Wind in Oahu is more important than any other weather factor. Too little of it and your nice new home in Kailua will feel like a steam beath. Too much of it and your hilltop home on Hawaii Lao Ridge could feel like a constant tornado.

The temperature in Hawaii only fluctuates about 25 degrees all year. In the summer it might get 90 degrees on the hottest day, and in the winter it might be 65 on the coldest day. Also, it doesn't fluctuate much between day and night either. On an average summer day it might be 75 at night and 85 in the day.

But the problem is not the temperature so much as the wind. Even on a real hot day of 90 degrees in Oahu, if the wind is blowing about 20mph, you won't feel hot at all. But if the wind is not blowing, it feels hot even if it's only 80 degrees. I can't really explain the science of it, but we all know it's true.

There are some great houses in the back of Hawaii Kai up along the hills, that get no wind. None. Especially back in Kamiloiki against the hillside, there just isn't any wind in there. By looking that geography you would never guess it, but it's true. There are even some houses in very windy Hahaione valley that don't get much breeze. The worst is probably the leeward side of Oahu, like Ewa and Kapolei. There are parts of those towns that are trapped behind something blocking our precious trade winds.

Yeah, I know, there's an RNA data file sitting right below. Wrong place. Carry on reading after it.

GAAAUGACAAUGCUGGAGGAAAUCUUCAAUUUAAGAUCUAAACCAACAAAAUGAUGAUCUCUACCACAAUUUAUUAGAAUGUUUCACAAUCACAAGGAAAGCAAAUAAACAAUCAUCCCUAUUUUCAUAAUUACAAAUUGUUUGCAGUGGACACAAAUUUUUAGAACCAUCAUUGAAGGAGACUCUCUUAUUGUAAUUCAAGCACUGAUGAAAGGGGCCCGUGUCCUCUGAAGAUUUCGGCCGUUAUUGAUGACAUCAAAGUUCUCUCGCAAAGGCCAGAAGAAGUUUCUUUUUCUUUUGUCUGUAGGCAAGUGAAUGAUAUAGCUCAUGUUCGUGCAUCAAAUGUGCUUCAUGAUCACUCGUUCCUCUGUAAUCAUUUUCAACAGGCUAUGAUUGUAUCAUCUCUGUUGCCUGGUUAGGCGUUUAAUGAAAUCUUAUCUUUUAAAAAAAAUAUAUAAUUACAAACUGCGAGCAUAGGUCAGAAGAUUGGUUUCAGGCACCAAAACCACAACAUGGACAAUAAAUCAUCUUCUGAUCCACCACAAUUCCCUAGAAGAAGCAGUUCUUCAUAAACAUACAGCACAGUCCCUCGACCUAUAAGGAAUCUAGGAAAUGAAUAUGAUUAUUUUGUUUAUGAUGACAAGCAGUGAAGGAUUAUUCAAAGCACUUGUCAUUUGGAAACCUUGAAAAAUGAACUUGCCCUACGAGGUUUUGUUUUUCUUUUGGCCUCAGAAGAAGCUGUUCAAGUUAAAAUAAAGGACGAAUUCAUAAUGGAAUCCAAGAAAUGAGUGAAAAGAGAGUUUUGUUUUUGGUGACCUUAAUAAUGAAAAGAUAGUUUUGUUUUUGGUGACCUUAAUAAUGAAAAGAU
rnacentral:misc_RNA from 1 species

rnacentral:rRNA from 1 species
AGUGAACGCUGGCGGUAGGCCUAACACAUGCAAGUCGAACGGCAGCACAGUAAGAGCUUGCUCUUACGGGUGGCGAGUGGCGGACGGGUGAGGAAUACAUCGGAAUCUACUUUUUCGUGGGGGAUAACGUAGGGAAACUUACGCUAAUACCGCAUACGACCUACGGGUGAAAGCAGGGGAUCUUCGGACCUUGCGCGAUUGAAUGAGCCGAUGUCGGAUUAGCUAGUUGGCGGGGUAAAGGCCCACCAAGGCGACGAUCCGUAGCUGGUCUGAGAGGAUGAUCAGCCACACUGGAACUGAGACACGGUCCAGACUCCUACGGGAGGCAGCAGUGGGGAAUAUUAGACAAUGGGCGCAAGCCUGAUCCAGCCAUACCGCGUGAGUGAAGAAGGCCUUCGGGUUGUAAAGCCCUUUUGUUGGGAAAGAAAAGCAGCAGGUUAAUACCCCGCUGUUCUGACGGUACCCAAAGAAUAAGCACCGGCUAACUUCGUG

On the other hand...
I once visited a beautiful house on Mariner's Ridge in Hawaii Kai that had expansive ocean views. At about $1.1million, it seemed like a good deal. Then we opened the windows and the wind started howling at about 900mph. I had to hold on to my clothes to make sure they didn't get ripped off. I felt like we were reenacting the movie movie Twister! Wow, you could barely open anything up there without getting blown away.

About 90% of the year, the trade winds blow at least 10mph, cooling off our warm tropical island. But on those other 10% days, the wind either stops or becomes what we call, "Kona winds." A word of advice, if you have to shop for homes on a Kona winds day, make sure you go back and check the house on a tradewind day to see if it gets the trades.

A Kona wind day will deceive you, because they are not the prevailing wind and they are hot. Very hot. Sometimes, Kona winds just feel like no wind, but if you could measure you would see there is a little movement from the south. O yeah, trade winds come from the North East.

If you get nice trade winds in your home, it will make your home a much more pleasant place to live. It really doesn't matter where you buy your home you need to check for the wind. Whether you live in Mililani, Aiea, Diamond Head, or Kaneohe, you may find that a house right accross the street from yours gets a great breeze while yours gets none.

A lot of it based on the direction your home faces. Most homes have one or more sides with more windows than the other sides. You want most of your windows facing the trade winds, so they can get it. They only need a little window to get out.

So check your wind. It could be all the difference.